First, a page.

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Having a Criminal Record and Finding Employment


Living with a Criminal Record

Have you ever been charged with or convicted of a crime?  Did you know:

  • Federal student aid is extremely limited for students with criminal convictions?
  • The Federal Welfare law imposes a lifetime ban on anyone convicted of a drug-related felony from receiving federally funded food stamps and cash assistance.
  • The majority of states allow employers to refuse to hire anyone with a conviction record – or even an arrest that never led to conviction – because they have absolutely no guidelines or regulations on how an employer must evaluate a criminal history when considering an applicant.

As of April 2014, New Jersey is faced with an unemployment rate of 6.9%, slightly above the national rate of 6.3% for the same time period.  There is no question that finding employment can be a difficult and frustrating endeavor.  With so many people applying for the same small number of new jobs available, it’s important to realize that employers want someone that not only represents them well in person, but also on paper.

92% of all employers run some kind of background check on a person they are considering hiring.  Whether it is for your credit, which follows a 7 year history, your driving record, or your criminal record, they want to know what kind of person they are hiring. There is also what is called an “investigative consumer report,” which includes information about a person’s “character, general reputation, and personal characteristics.”

There is no way to remove a record of conviction from DMV records.  Also, adult criminal arrests and/or convictions are a matter of public record. Anyone can look them up.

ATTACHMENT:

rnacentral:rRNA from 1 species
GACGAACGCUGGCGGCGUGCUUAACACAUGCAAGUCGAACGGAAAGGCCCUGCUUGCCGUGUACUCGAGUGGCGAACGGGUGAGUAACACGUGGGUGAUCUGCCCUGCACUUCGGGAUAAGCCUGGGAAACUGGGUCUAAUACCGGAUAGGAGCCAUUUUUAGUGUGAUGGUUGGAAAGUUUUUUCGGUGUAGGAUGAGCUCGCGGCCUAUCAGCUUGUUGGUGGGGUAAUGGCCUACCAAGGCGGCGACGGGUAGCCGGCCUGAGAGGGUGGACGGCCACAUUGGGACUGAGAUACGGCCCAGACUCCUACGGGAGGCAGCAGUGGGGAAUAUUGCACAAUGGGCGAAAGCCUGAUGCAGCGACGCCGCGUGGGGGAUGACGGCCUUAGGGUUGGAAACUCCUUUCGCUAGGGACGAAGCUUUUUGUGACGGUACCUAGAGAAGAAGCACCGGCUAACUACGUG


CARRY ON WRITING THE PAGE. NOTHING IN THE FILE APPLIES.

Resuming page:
There are many different levels of a criminal history check.  If you truly do not know what is on your background, credit and driving history, get the specifics on your record before you even start your job search.

Have you had a few minor run-ins with the law and are ashamed of your past behavior?  Have you ever decided to omit the information from an employment application?  This may be tempting to do, especially if you’ve kept out of trouble for a number of years, but remember, if you lie, even with a fantastic interview, your chances of getting hired for that job you want are slim to none. It is always better to be honest, and if you are open about youthful indiscretions, you may have a better shot at that job.  According to a 2013 survey by EmployeeScreenIQ, 52% of employers in the survey said they’d be more inclined to hire a candidate who disclosed a conviction before a background check revealed one

There are companies out there that are known for hiring non-violent criminals in order to help these men and women begin to rebuild their lives, but most of these jobs are minimum wage.  Some people feel as though these jobs aren’t at the level where they think they should be, but never discount the opportunity to prove your worth and work your way up.  Taking a lower-paying job than you “expect,” is one way to build a great work history and show prospective employers that you are truly rehabilitated.

It is important to know that depending on the severity of what occurred, your age when the incident happened and the time that’s elapsed since the incident, it might be possible to have your record sealed or expunged, N.J.S.A. 2C:52-1, which means the information won’t come up on a background check. This option is particularly viable if you were a minor at the time of the offense. It will, with the permission of a Judge, clear your record from what happened in the past and you will be able to go about like nothing has happed; however, every jurisdiction has its own rules about which offenses and offenders are eligible for an expungement.

If you have been charged with a crime, it is important to seek legal counsel immediately to ensure your rights are protected.  James A. Abate, Esq. is a criminal defense attorney who will fight to make sure you are treated fairly and to help you secure the most favorable outcome he can.  Please contact us at (732) 898-0780 for a free consultation.

Get your questions answered – call me for your free, 20 min phone consultation (908) 210-9755

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